Google's Private Catalog Gains IT Procurement Powers

Google Private Catalog promises to give enterprise IT administrators more control over which apps are accessible to developers across the organization. The tools therein help businesses remain compliant and collaborative while reducing failures and waste. Here are the details you need to know. 

Google knows businesses are dealing with an abundance of applications. Private Catalog, which Google introduced earlier this month, is meant to help IT tame the app temptest. Now available in beta, Private Catalog allows IT to control how apps are made available and distributed to employees no matter the size of the business. 

Several APIs built into Private Catalog make it possible for IT to delete catalogs, hierarchies, and individual solutions such as those that have become outdated or irrelevant. Further, the APIs let IT customize the user interface and weave Private Catalog solutions into other enterprise app catalogs. For example, should IT want to view identity and access management functions, it need only query which solutions users have access to across the organization's hierarchy. Google did not provide too much detail concerning these APIs. 

Compliance is a big part of Private Catalog. It helps simplify how regulated apps and the associated data is accessed by developers and employees. Strictly controlling which apps developers are able to access can prevent data leaks and other security nightmares. The IT team will have complete dominion over which apps are approved in order to maintain compliance and governance rules. Admins will be able to create their own hierarchies for more complex deployments.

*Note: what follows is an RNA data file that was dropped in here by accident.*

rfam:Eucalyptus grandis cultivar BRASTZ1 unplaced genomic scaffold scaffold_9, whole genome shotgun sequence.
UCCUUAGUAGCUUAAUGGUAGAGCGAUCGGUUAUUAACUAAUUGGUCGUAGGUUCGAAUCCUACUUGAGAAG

All these restrictions could get in the way of collaboration, particularly between diverse teams. While centralizing apps helps with security, it also sometimes results in silos and redundancies. Private Catalog lets the central IT team build a single place were all apps live. Accessing them boils down to having the correct key. As long as the right team members all have the same key, accessing and using the apps together should not be a problem. 

Last, Private Catalog promises to reduce failures and increase efficiency. IT can use it to manage how software is distributed across the organization using templates such as regions, RAM, CPUs, and myriad other values. This ensures that apps only run in areas and on machines that have the necessary resources (such as data access.)

"Internal apps don’t have to be a source of compliance, support, and communication issues," said Google. "With Private Catalog, you put controls in place that let your developers access the tools they need safely and efficiently."

More information about Private Catalog is available here. It is free to try. 
 

Be sure to read the next Security article: Microsoft Windows Defender ATP API Now Generally Available

 

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